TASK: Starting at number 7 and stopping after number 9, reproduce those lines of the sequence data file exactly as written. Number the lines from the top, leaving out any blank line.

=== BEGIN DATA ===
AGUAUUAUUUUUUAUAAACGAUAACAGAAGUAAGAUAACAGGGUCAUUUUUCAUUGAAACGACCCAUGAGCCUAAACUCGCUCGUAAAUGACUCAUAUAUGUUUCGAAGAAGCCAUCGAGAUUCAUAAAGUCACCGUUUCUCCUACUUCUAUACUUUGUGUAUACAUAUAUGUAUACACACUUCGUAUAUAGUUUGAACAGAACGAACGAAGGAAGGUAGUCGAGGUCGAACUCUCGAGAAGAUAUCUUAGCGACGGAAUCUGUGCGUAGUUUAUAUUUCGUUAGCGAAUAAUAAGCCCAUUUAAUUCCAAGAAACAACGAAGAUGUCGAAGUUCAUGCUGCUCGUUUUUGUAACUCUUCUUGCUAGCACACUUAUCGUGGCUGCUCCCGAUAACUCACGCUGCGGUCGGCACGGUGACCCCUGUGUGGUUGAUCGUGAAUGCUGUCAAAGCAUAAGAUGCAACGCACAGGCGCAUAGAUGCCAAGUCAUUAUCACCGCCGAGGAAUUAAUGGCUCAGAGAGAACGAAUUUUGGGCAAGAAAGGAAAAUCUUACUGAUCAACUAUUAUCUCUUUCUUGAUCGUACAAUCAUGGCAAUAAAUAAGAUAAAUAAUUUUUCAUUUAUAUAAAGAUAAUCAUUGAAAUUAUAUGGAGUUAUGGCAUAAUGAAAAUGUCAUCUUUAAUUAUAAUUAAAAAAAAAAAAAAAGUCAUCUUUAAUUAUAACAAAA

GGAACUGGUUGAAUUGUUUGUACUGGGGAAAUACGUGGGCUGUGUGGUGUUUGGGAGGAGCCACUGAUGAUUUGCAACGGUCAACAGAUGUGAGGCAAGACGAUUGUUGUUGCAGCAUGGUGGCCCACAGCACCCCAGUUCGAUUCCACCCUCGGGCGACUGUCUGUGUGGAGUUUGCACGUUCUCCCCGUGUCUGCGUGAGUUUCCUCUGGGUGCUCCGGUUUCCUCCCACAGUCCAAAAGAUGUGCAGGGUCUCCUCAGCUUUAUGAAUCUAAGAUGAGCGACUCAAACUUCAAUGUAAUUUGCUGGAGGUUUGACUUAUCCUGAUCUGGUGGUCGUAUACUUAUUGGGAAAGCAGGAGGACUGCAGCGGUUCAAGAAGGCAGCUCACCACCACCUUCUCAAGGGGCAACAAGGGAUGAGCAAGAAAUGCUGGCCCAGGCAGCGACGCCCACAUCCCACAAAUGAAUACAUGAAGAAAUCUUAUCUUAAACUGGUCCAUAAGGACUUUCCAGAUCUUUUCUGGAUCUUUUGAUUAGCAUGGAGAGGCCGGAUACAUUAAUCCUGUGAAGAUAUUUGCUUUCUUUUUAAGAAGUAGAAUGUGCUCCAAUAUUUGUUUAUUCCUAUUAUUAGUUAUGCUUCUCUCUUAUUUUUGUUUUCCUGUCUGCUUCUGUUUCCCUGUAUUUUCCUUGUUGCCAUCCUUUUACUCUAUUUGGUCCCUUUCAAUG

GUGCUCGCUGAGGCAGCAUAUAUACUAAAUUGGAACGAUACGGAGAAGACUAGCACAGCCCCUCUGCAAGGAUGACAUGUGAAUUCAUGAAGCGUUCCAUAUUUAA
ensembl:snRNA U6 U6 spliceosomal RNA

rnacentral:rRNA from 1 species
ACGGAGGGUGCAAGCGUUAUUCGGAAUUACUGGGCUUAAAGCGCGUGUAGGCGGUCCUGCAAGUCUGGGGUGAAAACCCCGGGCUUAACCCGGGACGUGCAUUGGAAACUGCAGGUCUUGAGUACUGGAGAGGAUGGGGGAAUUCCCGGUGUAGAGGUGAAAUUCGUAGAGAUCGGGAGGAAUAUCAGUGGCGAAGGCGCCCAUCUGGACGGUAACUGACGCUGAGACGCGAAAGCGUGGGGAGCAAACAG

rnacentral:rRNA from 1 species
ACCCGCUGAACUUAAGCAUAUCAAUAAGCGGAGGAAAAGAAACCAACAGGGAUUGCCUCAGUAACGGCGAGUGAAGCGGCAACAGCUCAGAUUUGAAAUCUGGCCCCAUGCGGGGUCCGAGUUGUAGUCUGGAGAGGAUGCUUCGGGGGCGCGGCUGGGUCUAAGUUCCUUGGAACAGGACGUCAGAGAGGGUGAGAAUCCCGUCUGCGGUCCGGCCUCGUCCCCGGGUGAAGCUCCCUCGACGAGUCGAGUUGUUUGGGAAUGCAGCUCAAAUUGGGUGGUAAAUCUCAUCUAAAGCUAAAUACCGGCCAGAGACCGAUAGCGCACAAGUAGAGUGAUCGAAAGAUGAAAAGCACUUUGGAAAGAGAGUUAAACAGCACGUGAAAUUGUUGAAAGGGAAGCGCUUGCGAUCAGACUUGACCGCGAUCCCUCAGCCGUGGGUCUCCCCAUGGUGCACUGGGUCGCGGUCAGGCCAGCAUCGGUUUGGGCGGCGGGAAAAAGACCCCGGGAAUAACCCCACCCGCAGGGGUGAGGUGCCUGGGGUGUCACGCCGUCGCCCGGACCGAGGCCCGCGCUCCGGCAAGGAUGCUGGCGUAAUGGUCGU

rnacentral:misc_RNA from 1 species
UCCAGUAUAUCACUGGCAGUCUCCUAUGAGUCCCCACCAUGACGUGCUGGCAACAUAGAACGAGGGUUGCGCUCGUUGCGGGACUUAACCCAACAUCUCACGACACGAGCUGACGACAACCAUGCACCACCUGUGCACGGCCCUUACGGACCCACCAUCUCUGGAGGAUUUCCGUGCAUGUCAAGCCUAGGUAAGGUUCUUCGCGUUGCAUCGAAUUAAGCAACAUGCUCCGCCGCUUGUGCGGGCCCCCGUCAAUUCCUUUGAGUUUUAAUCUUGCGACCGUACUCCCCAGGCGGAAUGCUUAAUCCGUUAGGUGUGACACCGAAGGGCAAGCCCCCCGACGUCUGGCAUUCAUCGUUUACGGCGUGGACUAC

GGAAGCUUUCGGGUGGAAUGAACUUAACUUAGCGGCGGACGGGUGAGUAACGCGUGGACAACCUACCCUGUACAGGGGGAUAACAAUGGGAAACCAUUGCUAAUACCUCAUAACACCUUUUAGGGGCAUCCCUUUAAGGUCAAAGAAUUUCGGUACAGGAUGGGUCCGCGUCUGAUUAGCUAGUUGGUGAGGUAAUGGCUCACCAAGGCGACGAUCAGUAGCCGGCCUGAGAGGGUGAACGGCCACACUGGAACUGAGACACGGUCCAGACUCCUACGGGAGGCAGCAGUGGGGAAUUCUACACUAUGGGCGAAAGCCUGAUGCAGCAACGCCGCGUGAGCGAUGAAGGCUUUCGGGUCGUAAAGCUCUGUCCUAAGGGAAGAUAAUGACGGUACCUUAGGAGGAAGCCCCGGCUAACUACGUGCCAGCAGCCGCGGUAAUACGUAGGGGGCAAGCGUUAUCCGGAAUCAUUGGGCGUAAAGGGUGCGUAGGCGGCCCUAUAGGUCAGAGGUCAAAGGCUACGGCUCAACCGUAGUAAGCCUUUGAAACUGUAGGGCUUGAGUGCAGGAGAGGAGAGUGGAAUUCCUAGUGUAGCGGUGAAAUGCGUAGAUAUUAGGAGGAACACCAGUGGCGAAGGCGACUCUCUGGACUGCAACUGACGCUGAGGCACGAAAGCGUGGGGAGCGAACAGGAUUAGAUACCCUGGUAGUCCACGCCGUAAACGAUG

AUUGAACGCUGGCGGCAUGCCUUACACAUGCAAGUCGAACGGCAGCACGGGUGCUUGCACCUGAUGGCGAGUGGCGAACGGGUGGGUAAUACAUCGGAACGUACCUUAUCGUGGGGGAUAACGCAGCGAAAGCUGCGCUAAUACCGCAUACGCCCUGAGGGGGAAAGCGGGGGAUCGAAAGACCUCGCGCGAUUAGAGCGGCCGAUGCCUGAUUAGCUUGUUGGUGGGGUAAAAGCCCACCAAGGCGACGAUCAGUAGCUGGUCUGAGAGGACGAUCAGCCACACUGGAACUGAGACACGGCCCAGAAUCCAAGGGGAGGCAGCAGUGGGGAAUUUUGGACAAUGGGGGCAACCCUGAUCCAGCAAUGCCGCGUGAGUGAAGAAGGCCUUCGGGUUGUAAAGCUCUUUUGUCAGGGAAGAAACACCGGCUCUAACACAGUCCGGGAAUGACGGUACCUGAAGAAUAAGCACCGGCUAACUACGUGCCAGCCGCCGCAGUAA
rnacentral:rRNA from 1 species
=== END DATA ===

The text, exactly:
rnacentral:rRNA from 1 species
ACCCGCUGAACUUAAGCAUAUCAAUAAGCGGAGGAAAAGAAACCAACAGGGAUUGCCUCAGUAACGGCGAGUGAAGCGGCAACAGCUCAGAUUUGAAAUCUGGCCCCAUGCGGGGUCCGAGUUGUAGUCUGGAGAGGAUGCUUCGGGGGCGCGGCUGGGUCUAAGUUCCUUGGAACAGGACGUCAGAGAGGGUGAGAAUCCCGUCUGCGGUCCGGCCUCGUCCCCGGGUGAAGCUCCCUCGACGAGUCGAGUUGUUUGGGAAUGCAGCUCAAAUUGGGUGGUAAAUCUCAUCUAAAGCUAAAUACCGGCCAGAGACCGAUAGCGCACAAGUAGAGUGAUCGAAAGAUGAAAAGCACUUUGGAAAGAGAGUUAAACAGCACGUGAAAUUGUUGAAAGGGAAGCGCUUGCGAUCAGACUUGACCGCGAUCCCUCAGCCGUGGGUCUCCCCAUGGUGCACUGGGUCGCGGUCAGGCCAGCAUCGGUUUGGGCGGCGGGAAAAAGACCCCGGGAAUAACCCCACCCGCAGGGGUGAGGUGCCUGGGGUGUCACGCCGUCGCCCGGACCGAGGCCCGCGCUCCGGCAAGGAUGCUGGCGUAAUGGUCGU

rnacentral:misc_RNA from 1 species